Article  Google Scholar 

  17. Guo N, Marra F, Marra CA. Measuring health-related quality of life in tuberculosis: a systematic review. Health Qual Life Outcomes. 2009;7:1–10.

    Article  Google Scholar 

  18. Menzies NA, Quaife M, Allwood BW, Byrne AL, Coussens AK, Harries AD, Marx FM, Meghji J, Pedrazzoli D, Salomon JA, et al. Lifetime burden of disease due to incident tuberculosis: a global reappraisal including post-tuberculosis sequelae. Lancet Glob Heal. 2021;9:e1679.

    Article  Google Scholar 

  19. Romanowski K, Baumann B, Basham CA, Ahmad Khan F, Fox GJ, Johnston JC. Long-term all-cause mortality in people treated for tuberculosis: a systematic review and meta-analysis. Lancet Infect Dis. 2019;19:1129–37.

    Article  Google Scholar 

  20. Vandenbroucke JP, von Elm E, Altman DG, Gøtzsche PC, Mulrow CD, Pocock SJ, et al. Strengthening the Reporting of Observational Studies in Epidemiology (STROBE): Explanation and Elaboration. PLoS Med. 2007;4(10):e297.

  21. National Bureau of Statistics Ministry of Finance and Planning, and Mbeya Regional Secretariat. MBEYA REGION SOCIO-ECONOMIC PROFILE, 2015. Tanzania, 2018.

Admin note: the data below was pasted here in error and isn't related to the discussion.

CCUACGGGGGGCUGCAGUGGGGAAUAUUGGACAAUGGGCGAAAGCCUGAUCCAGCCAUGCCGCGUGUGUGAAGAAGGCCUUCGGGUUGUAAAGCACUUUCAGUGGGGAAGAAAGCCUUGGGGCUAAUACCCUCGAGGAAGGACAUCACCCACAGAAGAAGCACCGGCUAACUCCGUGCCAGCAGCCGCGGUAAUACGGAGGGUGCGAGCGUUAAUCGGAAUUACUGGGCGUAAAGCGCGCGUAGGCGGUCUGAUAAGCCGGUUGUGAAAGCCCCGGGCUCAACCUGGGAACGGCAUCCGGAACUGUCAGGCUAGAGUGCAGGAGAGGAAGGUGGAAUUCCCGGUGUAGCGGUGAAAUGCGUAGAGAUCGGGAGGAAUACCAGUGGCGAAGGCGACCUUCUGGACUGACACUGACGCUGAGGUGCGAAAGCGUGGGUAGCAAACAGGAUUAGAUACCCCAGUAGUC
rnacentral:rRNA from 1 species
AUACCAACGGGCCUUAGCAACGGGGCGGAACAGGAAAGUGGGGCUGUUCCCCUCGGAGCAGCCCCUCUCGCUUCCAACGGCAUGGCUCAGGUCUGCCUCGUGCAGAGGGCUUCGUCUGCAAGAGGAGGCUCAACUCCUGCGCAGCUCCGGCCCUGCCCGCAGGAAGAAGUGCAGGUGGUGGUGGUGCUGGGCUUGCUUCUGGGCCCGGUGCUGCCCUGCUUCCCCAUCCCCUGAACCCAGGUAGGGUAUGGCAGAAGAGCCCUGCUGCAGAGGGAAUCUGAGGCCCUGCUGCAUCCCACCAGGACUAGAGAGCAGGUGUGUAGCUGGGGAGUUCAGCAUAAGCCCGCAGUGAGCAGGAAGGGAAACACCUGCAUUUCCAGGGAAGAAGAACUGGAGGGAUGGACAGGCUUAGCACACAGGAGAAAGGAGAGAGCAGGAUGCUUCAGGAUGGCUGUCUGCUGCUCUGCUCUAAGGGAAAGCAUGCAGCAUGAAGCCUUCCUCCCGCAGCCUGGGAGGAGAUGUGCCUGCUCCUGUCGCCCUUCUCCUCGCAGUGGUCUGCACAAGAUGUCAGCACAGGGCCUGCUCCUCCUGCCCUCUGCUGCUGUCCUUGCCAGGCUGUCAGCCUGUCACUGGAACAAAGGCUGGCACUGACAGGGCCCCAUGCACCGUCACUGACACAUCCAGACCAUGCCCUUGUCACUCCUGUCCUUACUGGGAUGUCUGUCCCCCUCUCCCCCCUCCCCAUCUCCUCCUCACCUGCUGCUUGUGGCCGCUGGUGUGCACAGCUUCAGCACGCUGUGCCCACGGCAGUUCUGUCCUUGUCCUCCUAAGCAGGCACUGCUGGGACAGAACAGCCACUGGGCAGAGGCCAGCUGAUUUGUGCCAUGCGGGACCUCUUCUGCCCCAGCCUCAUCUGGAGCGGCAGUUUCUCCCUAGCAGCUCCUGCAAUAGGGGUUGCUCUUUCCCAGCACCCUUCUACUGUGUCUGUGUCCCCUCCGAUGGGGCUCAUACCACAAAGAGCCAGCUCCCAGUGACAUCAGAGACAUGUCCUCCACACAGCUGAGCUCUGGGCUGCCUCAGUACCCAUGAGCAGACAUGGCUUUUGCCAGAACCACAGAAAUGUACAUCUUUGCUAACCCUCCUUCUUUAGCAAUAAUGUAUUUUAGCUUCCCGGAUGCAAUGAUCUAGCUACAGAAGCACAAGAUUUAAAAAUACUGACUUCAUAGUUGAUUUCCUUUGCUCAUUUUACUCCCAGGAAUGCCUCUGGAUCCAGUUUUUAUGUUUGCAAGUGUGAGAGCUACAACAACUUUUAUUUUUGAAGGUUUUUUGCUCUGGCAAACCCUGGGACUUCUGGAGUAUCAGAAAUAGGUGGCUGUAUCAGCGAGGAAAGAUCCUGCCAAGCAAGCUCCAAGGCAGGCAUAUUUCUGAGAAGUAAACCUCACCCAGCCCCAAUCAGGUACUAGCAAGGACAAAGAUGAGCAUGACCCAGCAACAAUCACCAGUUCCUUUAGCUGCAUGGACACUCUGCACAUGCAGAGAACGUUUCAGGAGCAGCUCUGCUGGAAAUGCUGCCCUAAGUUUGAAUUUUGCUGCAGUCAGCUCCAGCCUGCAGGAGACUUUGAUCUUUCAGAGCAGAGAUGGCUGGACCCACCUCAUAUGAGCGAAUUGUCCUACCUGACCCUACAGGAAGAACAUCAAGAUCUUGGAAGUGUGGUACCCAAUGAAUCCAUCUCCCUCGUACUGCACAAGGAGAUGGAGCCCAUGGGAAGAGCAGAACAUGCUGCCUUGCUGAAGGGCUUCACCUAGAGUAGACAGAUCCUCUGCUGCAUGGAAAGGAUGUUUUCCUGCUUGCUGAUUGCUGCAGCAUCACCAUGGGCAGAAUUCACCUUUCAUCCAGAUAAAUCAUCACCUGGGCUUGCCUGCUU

22. National Bureau of Statistics and Regional Commissioner’s Office Songwe. Songwe Region Socio-Economic Profile 2015; Tanzania, 2016.

  23. The United Republic of Tanzania Basic Demographic and Socio-Economic Profile National Bureau of Statistics Ministry of Finance Dar es Salaam; 2014;

  24. Reshadat S, Saeidi S, Neda I. The spatial clustering analysis of hiv and poverty through gis in the metropolis of Kermansha, Western Iran. Acta Medica Mediterranea. 2016;32:1995.

  25. United Republic of Tanzania | UNAIDS Available online: (Accessed on 14 Apr 2022).

  26. Hays RD, Shapiro MF. An overview of generic health-related quality of life measures for HIV research. Qual Life Res. 1992;1:91–7.

    Article  CAS  Google Scholar 

  27. Stewart A, Ware J. Measuring functioning and well-being: the medical outcomes study approach. US: Duke University Press; 2017.

  28. Ruta DA, Abdalla MI, Garratt AM, Coutts A, Russell IT. SF 36 health survey questionnaire: I. Reliability in two patient based studies. Qual Health Care. 1994;3:180–5.